Look what’s back! Blowing off the cobwebs on this old favorite in honor of an especially bizarre interview by a loyalty-challenged (and possibly paranoid) famous celebrity. I know you’ll see the theme, but can you guess the celebrity?
Indeed, there’s a vague reference to Cyndi Lauper and a more practical usage in minor league baseball (“be on time to get on the bus or be under it”) and bus lines in general (the undercarriage is where they stored bags), neither of those has the betrayal factor that flavors the current use.
The closest I was able to dig up was from a London reference in 1982 (those Brits are the source of so many of our colloquialisms), which was politically related.
Of course, now, everyone uses this expression to mean letting someone else publicly take the blame for someone/others, so it’s well past cliché all the way to annoying!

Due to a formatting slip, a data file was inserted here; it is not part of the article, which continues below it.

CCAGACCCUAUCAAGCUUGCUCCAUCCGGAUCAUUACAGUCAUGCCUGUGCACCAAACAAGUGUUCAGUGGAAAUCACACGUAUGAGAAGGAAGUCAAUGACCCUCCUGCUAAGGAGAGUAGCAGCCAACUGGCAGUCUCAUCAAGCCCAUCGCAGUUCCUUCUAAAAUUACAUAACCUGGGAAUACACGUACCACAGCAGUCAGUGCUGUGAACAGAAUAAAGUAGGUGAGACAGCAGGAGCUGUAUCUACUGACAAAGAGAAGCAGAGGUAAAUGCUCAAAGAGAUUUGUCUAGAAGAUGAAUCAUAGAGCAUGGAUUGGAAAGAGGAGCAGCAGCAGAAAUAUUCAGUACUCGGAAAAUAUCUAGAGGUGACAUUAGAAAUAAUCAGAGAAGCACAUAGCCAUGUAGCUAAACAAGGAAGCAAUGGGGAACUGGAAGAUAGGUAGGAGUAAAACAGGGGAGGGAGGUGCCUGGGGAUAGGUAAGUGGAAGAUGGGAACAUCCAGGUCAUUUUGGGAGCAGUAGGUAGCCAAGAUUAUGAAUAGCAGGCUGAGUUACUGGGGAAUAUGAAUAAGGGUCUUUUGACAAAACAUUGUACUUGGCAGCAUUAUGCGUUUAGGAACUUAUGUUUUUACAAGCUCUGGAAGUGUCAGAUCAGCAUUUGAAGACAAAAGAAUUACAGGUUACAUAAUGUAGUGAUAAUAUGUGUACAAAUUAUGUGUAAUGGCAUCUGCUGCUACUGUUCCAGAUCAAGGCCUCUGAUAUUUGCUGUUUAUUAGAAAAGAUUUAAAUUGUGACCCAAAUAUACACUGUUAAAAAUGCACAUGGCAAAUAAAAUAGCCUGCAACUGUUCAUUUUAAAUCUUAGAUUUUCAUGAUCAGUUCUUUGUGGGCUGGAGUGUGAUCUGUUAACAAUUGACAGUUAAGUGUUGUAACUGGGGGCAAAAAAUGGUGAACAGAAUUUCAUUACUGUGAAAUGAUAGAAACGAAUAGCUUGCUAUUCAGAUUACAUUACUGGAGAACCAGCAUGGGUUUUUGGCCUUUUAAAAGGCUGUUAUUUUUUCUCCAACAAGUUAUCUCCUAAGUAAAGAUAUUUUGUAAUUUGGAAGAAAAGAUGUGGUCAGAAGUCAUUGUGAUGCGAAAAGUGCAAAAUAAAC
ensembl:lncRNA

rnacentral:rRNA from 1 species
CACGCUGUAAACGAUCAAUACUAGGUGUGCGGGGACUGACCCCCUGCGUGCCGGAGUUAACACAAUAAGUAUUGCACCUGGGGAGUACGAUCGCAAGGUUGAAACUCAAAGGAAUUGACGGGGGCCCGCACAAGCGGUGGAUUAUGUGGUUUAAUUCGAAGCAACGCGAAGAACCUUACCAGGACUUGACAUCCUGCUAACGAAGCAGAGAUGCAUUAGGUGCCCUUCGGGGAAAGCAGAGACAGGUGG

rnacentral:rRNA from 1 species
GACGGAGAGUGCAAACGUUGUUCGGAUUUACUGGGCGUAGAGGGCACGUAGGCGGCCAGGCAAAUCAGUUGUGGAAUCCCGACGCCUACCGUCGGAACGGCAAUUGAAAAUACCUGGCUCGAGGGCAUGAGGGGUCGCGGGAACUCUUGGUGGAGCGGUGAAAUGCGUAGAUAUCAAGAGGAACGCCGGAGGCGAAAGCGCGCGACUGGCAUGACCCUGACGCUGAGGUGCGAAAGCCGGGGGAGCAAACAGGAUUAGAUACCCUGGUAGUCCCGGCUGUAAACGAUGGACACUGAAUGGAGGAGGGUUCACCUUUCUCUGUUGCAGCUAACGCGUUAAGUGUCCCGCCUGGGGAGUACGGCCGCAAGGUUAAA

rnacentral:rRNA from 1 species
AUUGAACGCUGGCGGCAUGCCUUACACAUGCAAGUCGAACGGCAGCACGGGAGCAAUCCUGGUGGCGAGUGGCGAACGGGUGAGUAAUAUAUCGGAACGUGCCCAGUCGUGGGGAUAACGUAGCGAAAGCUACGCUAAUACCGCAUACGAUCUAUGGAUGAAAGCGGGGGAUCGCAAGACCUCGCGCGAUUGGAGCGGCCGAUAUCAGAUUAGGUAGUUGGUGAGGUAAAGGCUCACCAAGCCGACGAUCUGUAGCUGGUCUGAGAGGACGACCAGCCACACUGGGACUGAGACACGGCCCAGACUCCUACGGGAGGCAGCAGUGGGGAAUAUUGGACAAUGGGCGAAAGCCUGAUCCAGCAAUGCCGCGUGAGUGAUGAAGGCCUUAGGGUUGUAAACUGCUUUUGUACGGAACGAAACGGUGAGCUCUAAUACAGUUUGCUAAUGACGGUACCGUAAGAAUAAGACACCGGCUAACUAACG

One can readily imagine the idea of leaving someone who is (metaphorically) soaked in guilt (real or contrived) and left to “hang out and dry” at the mercy of any and all onlookers, essentially taking the blame while others equally (or totally) responsible escape notice.
This is another puzzler. Though it’s most commonly thought to be an English proverb (told you about them Brits!), the first usage in the meaning of “friends whose actions are more like enemies” is unclear.
Some point to Winston Churchill, but so many people like to use Winston Churchill as the answer for just about any quote (and he did have many pithy quotes) that it’s difficult to take that on faith.
Ah, the sweet smell of learning. What’s that? None of the phrases had any origins? Well, okay, so I messed up one stinkin’ time. No need to throw me to the wolves!